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Transcript of Copyright
Student Projects May Include a lot of Work From Online Resources
Student Misconceptions About Copyright
Plagiarism vs Copyright
Teaching Students About Copyright and Fair Use
Teachers are welcome to create their own activities, but there are many resources already available to reference and assist in teaching students about Copyright Laws and Fair Use.
The "keys" to teaching Copyright
Resource 1: Videos
To help students understand the boundaries within copyright law, there are some videos that define copyright law and give students examples of what is and what is not permissible with copyright law.
Resource 2: Lesson Plans/Activities
There are resources available that share lesson plan ideas and activities. These resources can assist teachers in organizing their lessons and activities to best suit their classes and student needs.
B4UCopy by Young Minds Inspired
This free resource provides detailed objectives, lesson ideas, and lesson activities to be shared with your students! The activities at the end get students thinking about appropriate uses of technology resources.
Teachers can submit videos, lesson plans, and activities to be shared with viewers. This particular lesson provides some good ideas to get students to critically think about copyright laws, the past and future changes to copyright laws, and current copyright issues.
Munoz Class Blog
This blog site is openly shared by a teacher who provides ideas about lessons and tools to use in class. She shares her experiences candidly and encourages viewers to post their input, ideas, lessons, and any other helpful resources as well.
Resource 3: Other
These are additional resources that can be implemented into lessons as supplemental material to help create more discussion about Copyright Law and Fair Use
Cyberbee is very straightforward. There is one page to view with students sitting at computers who ask, in a chronological order, questions about Copyright Law. The questions students may frequently ask in your classroom are most likely asked by the students on this site.
To avoid students being given misinformed information regarding copyright laws, this web page offers lesson ideas and lesson plans to help deliver accurate information to students and create opportunities for discussion and proper understanding.
With expectations from the Illinois State Learning Standards students are going to be expected to use critical thinking skills. Along with this students will be expected to show evidence. Much of this evidence will be from online resources. Students need to be taught the correct way to cite when using videos, pictures or other online sources.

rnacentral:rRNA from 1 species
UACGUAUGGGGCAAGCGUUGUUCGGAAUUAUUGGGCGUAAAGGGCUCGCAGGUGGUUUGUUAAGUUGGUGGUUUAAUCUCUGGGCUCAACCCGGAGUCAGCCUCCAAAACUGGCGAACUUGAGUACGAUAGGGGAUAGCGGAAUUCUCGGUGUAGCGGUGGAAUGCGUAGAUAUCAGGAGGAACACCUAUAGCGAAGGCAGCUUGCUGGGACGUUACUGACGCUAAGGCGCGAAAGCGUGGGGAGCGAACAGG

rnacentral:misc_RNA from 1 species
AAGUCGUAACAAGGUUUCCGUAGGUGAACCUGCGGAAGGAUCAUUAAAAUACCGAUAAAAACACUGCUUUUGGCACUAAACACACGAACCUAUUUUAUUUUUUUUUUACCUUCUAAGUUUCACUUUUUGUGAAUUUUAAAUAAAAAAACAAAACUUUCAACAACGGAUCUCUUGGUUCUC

Teachers need to teach students to respect works that have already been created. They need to have background in copyright laws and understand that they are used to protect the individuals creativity (Starr, 2005).
Students Need to Ask for Permission When in Doubt
Most of the resources or materials are protected under copyright laws therefore the students have to have permission. Here is a great site that will give students insight to whether he or she may need permission (Starr, 2005).
Teach Lessons to Help Students Ask for Permission
The teacher needs to provide resources to students. This will give them the opportunity to seek permission from the owner of work that has been copyrighted. Below are two helpful resources (Starr, 2005).
http://www.educationworld.com/a_tech/tech/tech121.shtml (Go to the bottom and you will find a "Sample Copyright Permission Request Template")
Teachers should teach their students how to legally use people's creative work correctly.
Copyright? What's Copyright?
Copyright on Campus
With the increase use of technology in school, students sometimes don't realize that certain images, videos, and music found online are not free to use however they may choose.
"The Internet is not public domain" (Starr, 2005).
It's "polite to ask permission" (Starr, 2005).
While most people won't be punished for using copyrighted work illegally if they are not making money off of the work, it's still best to ask for permission before using anyone's original work (Starr, 2005).
"Carefully read the licensing agreement" (Starr, 2005).
The best way to teach our students is by example. Districts should be cautious of how they use programs they have purchased. Do not distribute them without reading the agreement fully because not all agreements are the same (Starr, 2005)
"Students should recognize that it is illegal to copy software, whether you take it from the Internet or from a computer disc that belongs to someone else."
(Young Minds Inspired, 2007, pp. 6).
- you can use 10% or 3 minutes
you can use 10% or 1000 words
Music or Lyrics-
you can use 10% but no more than 30 seconds (whichever comes first)
Plagiarism vs Copyright
is when you do not properly attribute the author of the copied material.
is a violation of not paying for the use of material.
(Merriam-Webster's Collegiate Dictionary, 2005).